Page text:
CBSO Sibelius, Mahler, Nielsen review

CBSO BURSTS WITH ENERGY

SIBELIUS, MAHLER AND NIELSEN
CBSO at Symphony Hall *****
Thanks to the brilliant work of conductors from Harold Gray, through Simon Rattle and on to Sakari Oramo the CBSO has long had the symphonies of Sibelius and Nielsen under its fingertips. As a violinist within the orchestra Michael Seal was part of the osmosis, and now as a conductor he unleashed here from his ex-colleagues an awesome amount of pent-up energy in Sibelius 3 and Nielsen 5
He launched the Sibelius at a rattling (sorry!) pace -- no allegro moderato, this -- strings immediately biting, tickingly accurate in their momentum. Yet in the second movement Seal and his strings found a meltingly Tchaikovskyan texture (Danse Arabe from the Nutcracker came to mind) under the woodwinds' sad little dancing-song.
The finale is difficult to make convincing, but it certainly came off in this reading, Seal's flow and flexibility eventually coalescing into a genuinely uplifting ending.
Nielsen's Fifth Symphony arrives at the same destination, but by a very different route. The players captured all the troubled inertia of the opening (wonderful bassoons), shaken eventually into action by the best hell-for-leather snare-drum improvised assault I've ever heard in this work, then pacified by Oliver Janes' spell-binding offstage clarinet quelling the anger of a now offstage snare-drum.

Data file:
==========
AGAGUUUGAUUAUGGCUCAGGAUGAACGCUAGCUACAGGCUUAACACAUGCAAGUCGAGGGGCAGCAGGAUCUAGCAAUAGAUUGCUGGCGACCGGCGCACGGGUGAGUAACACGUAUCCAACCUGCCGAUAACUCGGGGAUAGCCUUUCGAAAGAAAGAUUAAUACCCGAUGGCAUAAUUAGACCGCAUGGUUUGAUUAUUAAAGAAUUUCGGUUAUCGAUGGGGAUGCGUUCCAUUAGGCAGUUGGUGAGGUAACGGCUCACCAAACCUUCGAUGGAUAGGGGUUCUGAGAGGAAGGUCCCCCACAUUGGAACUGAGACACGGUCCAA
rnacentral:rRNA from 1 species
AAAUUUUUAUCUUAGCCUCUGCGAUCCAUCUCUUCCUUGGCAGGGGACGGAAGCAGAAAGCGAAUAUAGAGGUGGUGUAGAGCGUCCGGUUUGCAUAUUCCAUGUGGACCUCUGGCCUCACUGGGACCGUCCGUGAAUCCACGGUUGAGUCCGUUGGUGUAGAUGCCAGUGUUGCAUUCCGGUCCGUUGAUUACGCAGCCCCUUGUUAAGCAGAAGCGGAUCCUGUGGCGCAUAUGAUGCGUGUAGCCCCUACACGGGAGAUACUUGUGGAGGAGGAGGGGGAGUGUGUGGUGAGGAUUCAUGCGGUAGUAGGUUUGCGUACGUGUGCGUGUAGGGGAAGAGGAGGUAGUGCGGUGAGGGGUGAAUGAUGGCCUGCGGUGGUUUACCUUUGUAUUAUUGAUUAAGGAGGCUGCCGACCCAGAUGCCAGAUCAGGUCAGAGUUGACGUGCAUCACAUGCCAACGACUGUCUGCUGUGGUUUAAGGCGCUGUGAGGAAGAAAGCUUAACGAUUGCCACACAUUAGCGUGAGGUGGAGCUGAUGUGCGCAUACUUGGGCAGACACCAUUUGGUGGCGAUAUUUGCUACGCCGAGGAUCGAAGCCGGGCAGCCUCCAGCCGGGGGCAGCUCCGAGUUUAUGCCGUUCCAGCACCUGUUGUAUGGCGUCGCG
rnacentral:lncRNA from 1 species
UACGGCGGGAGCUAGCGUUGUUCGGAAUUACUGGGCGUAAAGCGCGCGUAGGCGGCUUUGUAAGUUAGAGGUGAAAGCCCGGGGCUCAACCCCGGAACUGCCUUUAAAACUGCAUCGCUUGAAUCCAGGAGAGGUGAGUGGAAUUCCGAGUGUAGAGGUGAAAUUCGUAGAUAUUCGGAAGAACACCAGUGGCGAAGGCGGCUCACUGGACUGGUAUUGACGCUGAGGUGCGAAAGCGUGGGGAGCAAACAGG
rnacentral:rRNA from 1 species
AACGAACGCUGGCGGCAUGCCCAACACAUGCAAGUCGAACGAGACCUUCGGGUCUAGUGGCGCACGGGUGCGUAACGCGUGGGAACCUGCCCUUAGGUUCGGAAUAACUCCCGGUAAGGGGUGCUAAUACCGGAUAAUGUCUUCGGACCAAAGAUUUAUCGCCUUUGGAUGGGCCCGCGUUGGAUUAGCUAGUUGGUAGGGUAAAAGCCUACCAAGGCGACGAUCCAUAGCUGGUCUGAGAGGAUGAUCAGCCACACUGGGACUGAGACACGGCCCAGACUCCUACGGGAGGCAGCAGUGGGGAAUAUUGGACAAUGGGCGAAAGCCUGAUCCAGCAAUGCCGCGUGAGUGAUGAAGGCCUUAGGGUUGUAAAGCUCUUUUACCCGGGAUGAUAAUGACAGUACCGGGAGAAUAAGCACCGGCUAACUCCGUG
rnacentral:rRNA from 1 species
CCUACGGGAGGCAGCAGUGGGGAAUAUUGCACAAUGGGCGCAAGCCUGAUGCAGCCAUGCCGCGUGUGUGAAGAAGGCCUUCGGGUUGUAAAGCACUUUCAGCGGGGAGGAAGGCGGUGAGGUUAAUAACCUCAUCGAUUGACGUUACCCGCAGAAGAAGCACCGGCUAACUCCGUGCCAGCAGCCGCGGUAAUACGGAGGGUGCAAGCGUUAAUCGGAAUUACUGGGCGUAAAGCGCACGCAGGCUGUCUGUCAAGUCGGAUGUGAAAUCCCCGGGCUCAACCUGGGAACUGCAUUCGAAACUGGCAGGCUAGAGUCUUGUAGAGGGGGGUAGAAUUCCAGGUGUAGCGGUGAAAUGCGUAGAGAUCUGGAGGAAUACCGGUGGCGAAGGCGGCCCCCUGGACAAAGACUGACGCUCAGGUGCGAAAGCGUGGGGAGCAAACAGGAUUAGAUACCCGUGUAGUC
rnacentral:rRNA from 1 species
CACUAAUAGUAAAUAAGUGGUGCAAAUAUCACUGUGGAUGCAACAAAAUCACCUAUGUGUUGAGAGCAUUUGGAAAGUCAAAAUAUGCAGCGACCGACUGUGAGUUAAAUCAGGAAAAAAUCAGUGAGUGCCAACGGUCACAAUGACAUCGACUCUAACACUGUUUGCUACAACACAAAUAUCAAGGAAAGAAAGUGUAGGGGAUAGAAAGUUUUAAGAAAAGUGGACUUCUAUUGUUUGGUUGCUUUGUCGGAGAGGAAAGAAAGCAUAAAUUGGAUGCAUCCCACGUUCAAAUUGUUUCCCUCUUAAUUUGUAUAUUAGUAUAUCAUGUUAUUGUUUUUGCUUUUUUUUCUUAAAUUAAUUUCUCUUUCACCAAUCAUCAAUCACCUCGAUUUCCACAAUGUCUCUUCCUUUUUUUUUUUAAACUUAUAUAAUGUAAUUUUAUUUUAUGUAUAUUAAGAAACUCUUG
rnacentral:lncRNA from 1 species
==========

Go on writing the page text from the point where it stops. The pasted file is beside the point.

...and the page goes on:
The tricky finale was convincingly structured by Seal and his players, exuberant and affirmative -- but always with a question-mark.
Between these two symphonic earthquakes came five of Mahler's Des Knaben Wunderhorn songs, redolent with nostalgia for a distant past, and drawing from baritone soloist Christopher Maltman a range of tones, from the honeyed to the bitter, an engaging body-language, and painting pictures of the imagery of several Mahler symphonies which I'm impatient to hear Seal conduct.
Christopher Morley

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